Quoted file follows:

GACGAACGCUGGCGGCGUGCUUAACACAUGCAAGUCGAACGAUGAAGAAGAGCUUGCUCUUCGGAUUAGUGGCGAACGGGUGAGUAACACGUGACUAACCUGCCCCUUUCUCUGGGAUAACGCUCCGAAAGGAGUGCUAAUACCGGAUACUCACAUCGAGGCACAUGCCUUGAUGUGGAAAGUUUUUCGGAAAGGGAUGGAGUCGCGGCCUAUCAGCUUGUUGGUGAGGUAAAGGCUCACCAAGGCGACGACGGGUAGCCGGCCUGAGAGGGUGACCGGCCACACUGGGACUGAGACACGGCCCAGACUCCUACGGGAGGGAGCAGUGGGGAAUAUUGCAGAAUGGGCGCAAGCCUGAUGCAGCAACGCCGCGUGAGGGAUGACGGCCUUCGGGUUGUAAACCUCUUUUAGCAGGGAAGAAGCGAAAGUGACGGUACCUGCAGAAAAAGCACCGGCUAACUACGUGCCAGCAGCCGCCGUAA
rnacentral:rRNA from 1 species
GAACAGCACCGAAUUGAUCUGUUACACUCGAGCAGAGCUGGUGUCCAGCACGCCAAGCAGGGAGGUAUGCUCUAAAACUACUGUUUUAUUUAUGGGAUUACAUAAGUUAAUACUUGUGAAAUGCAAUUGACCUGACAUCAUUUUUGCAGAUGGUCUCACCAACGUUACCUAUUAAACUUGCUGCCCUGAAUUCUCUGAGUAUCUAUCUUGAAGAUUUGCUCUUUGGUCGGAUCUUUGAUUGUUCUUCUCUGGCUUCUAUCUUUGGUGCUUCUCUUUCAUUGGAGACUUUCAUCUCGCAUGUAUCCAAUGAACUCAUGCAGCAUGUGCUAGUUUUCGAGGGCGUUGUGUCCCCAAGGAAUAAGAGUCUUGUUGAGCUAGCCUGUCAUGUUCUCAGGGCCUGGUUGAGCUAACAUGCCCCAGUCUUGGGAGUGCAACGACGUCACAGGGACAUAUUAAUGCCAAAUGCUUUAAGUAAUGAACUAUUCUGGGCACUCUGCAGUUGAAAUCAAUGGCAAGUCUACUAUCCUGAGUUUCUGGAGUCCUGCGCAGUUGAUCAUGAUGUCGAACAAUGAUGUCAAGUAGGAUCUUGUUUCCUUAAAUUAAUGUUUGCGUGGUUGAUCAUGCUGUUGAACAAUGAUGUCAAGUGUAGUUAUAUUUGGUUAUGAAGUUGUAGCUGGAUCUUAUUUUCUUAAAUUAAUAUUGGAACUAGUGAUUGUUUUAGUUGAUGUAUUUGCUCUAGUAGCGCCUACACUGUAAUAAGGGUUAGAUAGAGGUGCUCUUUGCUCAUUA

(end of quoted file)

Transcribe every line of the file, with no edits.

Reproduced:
GACGAACGCUGGCGGCGUGCUUAACACAUGCAAGUCGAACGAUGAAGAAGAGCUUGCUCUUCGGAUUAGUGGCGAACGGGUGAGUAACACGUGACUAACCUGCCCCUUUCUCUGGGAUAACGCUCCGAAAGGAGUGCUAAUACCGGAUACUCACAUCGAGGCACAUGCCUUGAUGUGGAAAGUUUUUCGGAAAGGGAUGGAGUCGCGGCCUAUCAGCUUGUUGGUGAGGUAAAGGCUCACCAAGGCGACGACGGGUAGCCGGCCUGAGAGGGUGACCGGCCACACUGGGACUGAGACACGGCCCAGACUCCUACGGGAGGGAGCAGUGGGGAAUAUUGCAGAAUGGGCGCAAGCCUGAUGCAGCAACGCCGCGUGAGGGAUGACGGCCUUCGGGUUGUAAACCUCUUUUAGCAGGGAAGAAGCGAAAGUGACGGUACCUGCAGAAAAAGCACCGGCUAACUACGUGCCAGCAGCCGCCGUAA
rnacentral:rRNA from 1 species
GAACAGCACCGAAUUGAUCUGUUACACUCGAGCAGAGCUGGUGUCCAGCACGCCAAGCAGGGAGGUAUGCUCUAAAACUACUGUUUUAUUUAUGGGAUUACAUAAGUUAAUACUUGUGAAAUGCAAUUGACCUGACAUCAUUUUUGCAGAUGGUCUCACCAACGUUACCUAUUAAACUUGCUGCCCUGAAUUCUCUGAGUAUCUAUCUUGAAGAUUUGCUCUUUGGUCGGAUCUUUGAUUGUUCUUCUCUGGCUUCUAUCUUUGGUGCUUCUCUUUCAUUGGAGACUUUCAUCUCGCAUGUAUCCAAUGAACUCAUGCAGCAUGUGCUAGUUUUCGAGGGCGUUGUGUCCCCAAGGAAUAAGAGUCUUGUUGAGCUAGCCUGUCAUGUUCUCAGGGCCUGGUUGAGCUAACAUGCCCCAGUCUUGGGAGUGCAACGACGUCACAGGGACAUAUUAAUGCCAAAUGCUUUAAGUAAUGAACUAUUCUGGGCACUCUGCAGUUGAAAUCAAUGGCAAGUCUACUAUCCUGAGUUUCUGGAGUCCUGCGCAGUUGAUCAUGAUGUCGAACAAUGAUGUCAAGUAGGAUCUUGUUUCCUUAAAUUAAUGUUUGCGUGGUUGAUCAUGCUGUUGAACAAUGAUGUCAAGUGUAGUUAUAUUUGGUUAUGAAGUUGUAGCUGGAUCUUAUUUUCUUAAAUUAAUAUUGGAACUAGUGAUUGUUUUAGUUGAUGUAUUUGCUCUAGUAGCGCCUACACUGUAAUAAGGGUUAGAUAGAGGUGCUCUUUGCUCAUUA